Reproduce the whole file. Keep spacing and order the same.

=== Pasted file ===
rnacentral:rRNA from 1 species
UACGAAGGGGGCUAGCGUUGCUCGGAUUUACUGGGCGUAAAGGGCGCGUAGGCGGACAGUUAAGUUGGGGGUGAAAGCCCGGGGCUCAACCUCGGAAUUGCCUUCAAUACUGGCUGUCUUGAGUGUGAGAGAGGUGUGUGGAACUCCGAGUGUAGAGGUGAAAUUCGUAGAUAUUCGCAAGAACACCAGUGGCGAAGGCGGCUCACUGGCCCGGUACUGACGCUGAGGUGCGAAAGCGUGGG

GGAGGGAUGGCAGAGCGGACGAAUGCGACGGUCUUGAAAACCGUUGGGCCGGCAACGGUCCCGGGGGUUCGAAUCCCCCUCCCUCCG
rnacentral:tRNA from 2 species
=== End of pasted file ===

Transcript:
rnacentral:rRNA from 1 species
UACGAAGGGGGCUAGCGUUGCUCGGAUUUACUGGGCGUAAAGGGCGCGUAGGCGGACAGUUAAGUUGGGGGUGAAAGCCCGGGGCUCAACCUCGGAAUUGCCUUCAAUACUGGCUGUCUUGAGUGUGAGAGAGGUGUGUGGAACUCCGAGUGUAGAGGUGAAAUUCGUAGAUAUUCGCAAGAACACCAGUGGCGAAGGCGGCUCACUGGCCCGGUACUGACGCUGAGGUGCGAAAGCGUGGG

GGAGGGAUGGCAGAGCGGACGAAUGCGACGGUCUUGAAAACCGUUGGGCCGGCAACGGUCCCGGGGGUUCGAAUCCCCCUCCCUCCG
rnacentral:tRNA from 2 species